Weird Al Yankovitch has a great song about visiting the biggest ball of twine in Minnesota. I know that some people visit Civil War sites. I have a friend who plans her travels  based on the mountains that she wants to climb. My parents used to plan their trips around beautiful houses of worship.

 

My husband and I love supermarket tourism. During post morning minyan breakfast on our first day in Cincinnati, ( The synagogue we attended served a big breakfast after services every morning.) we asked about great things to do in the area. We got lots of wonderful suggestions.  Someone laughingly suggested that we visit Jungle Jim’s. They explained that it was a giant supermarket that specialized in international food.

 

We live within walking distance of Fairway Market which one of my sister’s loves so much that she stops there on her way home from nearly every visit to New York. We also live within walking distance of Zabars, ( Although I would take a taxi or a bus home with all of my bundles.) Visiting Jungle Jim’s did not seem like a priority.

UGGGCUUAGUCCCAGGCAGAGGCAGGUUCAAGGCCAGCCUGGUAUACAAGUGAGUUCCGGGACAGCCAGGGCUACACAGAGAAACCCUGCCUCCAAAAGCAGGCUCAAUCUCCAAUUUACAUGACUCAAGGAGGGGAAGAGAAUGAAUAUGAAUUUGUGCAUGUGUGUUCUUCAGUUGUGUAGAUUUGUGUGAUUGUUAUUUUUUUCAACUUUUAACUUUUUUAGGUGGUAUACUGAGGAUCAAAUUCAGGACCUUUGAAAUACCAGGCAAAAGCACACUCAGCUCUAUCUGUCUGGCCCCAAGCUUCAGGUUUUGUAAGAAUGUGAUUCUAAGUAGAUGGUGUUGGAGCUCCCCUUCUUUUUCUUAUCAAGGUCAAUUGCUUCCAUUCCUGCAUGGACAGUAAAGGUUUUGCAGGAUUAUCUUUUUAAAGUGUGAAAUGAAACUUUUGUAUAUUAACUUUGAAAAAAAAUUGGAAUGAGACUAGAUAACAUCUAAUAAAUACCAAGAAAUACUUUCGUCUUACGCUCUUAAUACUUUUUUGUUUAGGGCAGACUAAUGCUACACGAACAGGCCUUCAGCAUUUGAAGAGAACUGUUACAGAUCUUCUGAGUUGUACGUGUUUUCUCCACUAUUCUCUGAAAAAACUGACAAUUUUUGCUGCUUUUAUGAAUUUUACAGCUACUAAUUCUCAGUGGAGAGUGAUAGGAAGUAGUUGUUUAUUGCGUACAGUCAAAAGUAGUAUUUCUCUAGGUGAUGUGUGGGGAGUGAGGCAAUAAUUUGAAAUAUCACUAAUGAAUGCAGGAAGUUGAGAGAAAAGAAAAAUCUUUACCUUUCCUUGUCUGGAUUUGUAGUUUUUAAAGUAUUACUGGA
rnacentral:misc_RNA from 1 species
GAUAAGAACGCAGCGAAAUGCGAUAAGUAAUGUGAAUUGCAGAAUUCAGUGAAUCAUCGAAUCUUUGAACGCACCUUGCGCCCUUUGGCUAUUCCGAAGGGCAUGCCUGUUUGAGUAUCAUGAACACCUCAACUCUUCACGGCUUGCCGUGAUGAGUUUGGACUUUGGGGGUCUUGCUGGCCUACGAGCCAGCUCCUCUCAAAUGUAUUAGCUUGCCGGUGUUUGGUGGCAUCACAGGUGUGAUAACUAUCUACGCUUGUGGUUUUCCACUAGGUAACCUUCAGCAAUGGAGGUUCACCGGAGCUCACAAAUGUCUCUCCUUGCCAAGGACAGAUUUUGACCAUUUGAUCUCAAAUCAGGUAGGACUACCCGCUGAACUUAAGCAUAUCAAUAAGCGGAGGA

We had spent most of the weekend in Columbus and had returned to Cincinnati on Monday.  Tuesday we were trying to figure out how to spend out last day in Ohio. We discovered that museums tend to be closed on both Monday and Tuesday.

 

The sculpture garden north of town was open. The weather though was going to be hot and muggy. Not the best weather for visiting a sculpture garden, but we decided to go anyway.

My husband was driving and I had the maps and mentioned that we were an exit away from Jungle Jim’s. It was our moment to see the culinary wonder of the Mid-West.

As you turned into the parking lot this sign greeted us.

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We were in the right place. I didn’t take pictures of the fiberglass jungle animals frolicking in the fountain in front of the store.

We went inside and discovered that we had stepped into a six acre food market. Fairway is great, but not  even close in terms of size.